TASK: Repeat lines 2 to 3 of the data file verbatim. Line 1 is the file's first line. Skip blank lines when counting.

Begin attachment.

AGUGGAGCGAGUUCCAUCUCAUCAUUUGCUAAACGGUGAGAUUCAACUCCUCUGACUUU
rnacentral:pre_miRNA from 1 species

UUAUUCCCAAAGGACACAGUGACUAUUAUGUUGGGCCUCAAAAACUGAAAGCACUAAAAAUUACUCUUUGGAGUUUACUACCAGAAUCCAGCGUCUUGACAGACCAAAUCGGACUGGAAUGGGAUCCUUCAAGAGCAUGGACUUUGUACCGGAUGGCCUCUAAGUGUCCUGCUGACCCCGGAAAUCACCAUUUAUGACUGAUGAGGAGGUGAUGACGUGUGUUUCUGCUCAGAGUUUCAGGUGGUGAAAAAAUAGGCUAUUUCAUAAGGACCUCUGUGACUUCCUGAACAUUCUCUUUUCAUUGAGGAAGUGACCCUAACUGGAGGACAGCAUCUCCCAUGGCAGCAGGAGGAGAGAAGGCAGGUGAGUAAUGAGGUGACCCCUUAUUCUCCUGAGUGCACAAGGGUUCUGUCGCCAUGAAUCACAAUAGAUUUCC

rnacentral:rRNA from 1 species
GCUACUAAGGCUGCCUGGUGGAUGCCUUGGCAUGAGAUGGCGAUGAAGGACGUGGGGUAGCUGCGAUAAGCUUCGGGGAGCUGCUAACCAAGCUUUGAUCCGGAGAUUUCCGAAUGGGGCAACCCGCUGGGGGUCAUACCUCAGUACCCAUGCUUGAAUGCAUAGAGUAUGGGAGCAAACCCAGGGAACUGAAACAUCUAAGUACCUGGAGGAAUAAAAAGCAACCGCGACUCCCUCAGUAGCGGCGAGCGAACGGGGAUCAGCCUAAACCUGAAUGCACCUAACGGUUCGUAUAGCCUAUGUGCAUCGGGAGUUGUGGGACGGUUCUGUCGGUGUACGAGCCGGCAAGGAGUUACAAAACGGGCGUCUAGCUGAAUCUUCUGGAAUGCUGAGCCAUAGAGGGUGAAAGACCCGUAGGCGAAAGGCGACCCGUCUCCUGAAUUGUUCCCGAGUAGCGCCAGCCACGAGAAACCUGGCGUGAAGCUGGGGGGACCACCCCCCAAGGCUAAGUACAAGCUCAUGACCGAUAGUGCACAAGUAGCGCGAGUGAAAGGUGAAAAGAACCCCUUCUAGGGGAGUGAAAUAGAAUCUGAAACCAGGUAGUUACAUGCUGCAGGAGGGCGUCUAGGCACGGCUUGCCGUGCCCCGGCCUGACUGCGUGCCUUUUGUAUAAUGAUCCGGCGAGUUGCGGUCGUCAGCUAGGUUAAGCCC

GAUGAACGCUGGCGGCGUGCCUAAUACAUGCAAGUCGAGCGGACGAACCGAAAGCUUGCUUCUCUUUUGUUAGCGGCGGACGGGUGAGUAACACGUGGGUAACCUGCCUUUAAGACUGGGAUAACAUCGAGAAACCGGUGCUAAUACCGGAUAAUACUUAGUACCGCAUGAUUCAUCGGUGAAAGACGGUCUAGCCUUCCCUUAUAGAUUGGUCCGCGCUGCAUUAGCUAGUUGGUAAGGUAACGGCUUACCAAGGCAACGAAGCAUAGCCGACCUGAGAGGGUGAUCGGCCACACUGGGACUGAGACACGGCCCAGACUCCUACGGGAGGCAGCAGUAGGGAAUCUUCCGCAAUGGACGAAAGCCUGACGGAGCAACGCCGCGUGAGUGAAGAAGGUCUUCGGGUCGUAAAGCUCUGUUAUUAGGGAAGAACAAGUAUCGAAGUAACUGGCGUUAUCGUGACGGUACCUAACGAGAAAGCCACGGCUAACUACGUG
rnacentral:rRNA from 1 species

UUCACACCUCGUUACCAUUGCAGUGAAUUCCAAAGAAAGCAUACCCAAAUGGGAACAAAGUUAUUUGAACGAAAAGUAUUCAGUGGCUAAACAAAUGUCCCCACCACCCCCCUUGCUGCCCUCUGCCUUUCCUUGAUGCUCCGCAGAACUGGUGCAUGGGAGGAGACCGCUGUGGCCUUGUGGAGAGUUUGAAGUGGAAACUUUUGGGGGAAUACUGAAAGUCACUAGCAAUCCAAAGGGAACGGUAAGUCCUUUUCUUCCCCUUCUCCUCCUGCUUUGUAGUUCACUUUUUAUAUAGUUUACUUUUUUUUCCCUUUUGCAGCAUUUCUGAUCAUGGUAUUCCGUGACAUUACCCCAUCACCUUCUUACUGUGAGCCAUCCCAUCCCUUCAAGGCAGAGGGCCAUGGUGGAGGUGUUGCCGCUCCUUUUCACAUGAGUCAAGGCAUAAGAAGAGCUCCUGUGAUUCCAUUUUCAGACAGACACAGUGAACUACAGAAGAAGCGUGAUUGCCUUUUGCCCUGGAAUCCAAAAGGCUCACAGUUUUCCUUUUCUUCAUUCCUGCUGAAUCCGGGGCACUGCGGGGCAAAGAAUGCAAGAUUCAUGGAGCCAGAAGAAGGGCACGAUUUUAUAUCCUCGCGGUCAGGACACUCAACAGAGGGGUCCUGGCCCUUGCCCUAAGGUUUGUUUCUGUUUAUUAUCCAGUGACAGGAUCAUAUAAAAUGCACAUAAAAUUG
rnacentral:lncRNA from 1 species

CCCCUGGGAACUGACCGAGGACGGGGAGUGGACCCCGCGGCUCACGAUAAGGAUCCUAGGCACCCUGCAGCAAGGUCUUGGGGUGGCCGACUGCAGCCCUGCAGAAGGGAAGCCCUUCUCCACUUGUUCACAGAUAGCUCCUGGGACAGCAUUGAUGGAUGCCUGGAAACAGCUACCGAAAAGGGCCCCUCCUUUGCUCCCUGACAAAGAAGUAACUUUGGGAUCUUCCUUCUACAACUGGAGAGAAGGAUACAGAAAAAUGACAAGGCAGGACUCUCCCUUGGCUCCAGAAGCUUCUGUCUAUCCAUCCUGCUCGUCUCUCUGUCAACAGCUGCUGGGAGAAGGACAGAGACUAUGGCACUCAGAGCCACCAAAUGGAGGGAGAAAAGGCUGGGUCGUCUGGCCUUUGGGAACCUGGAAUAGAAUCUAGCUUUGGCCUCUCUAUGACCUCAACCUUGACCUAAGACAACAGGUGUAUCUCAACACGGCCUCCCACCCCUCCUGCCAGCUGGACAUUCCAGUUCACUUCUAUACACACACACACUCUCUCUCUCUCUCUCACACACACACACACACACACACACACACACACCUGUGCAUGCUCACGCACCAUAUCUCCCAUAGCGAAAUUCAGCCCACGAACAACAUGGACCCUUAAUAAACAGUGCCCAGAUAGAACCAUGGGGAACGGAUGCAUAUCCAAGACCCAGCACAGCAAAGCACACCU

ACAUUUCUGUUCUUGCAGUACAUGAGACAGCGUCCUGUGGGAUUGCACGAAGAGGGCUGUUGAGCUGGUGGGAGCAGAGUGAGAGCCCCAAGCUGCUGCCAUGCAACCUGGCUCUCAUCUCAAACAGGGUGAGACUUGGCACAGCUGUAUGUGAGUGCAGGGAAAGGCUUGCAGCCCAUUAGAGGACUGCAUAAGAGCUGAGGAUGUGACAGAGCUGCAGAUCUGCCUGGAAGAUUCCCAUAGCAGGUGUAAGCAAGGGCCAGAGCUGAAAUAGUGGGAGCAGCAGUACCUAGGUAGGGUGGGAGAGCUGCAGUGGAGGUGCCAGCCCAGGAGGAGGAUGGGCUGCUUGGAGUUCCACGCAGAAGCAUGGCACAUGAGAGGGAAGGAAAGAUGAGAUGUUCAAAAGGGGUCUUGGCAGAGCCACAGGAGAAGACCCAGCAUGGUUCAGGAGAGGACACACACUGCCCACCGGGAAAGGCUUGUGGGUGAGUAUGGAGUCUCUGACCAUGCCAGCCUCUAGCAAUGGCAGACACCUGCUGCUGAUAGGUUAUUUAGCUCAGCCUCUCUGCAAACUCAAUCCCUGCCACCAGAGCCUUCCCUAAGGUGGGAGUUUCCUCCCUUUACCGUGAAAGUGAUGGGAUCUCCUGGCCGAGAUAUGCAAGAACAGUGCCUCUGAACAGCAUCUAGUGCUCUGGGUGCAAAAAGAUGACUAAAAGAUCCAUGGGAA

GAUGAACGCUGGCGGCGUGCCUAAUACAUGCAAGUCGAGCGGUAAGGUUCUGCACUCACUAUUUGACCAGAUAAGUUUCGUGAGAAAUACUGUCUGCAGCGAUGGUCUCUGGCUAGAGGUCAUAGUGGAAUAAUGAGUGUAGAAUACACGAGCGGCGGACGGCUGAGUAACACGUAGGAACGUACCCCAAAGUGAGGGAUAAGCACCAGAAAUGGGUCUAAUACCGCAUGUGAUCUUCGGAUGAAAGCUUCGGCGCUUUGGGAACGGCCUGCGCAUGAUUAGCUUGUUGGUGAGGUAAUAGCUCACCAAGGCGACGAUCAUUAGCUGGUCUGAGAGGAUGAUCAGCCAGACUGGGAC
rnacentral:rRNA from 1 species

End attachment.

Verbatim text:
rnacentral:pre_miRNA from 1 species

UUAUUCCCAAAGGACACAGUGACUAUUAUGUUGGGCCUCAAAAACUGAAAGCACUAAAAAUUACUCUUUGGAGUUUACUACCAGAAUCCAGCGUCUUGACAGACCAAAUCGGACUGGAAUGGGAUCCUUCAAGAGCAUGGACUUUGUACCGGAUGGCCUCUAAGUGUCCUGCUGACCCCGGAAAUCACCAUUUAUGACUGAUGAGGAGGUGAUGACGUGUGUUUCUGCUCAGAGUUUCAGGUGGUGAAAAAAUAGGCUAUUUCAUAAGGACCUCUGUGACUUCCUGAACAUUCUCUUUUCAUUGAGGAAGUGACCCUAACUGGAGGACAGCAUCUCCCAUGGCAGCAGGAGGAGAGAAGGCAGGUGAGUAAUGAGGUGACCCCUUAUUCUCCUGAGUGCACAAGGGUUCUGUCGCCAUGAAUCACAAUAGAUUUCC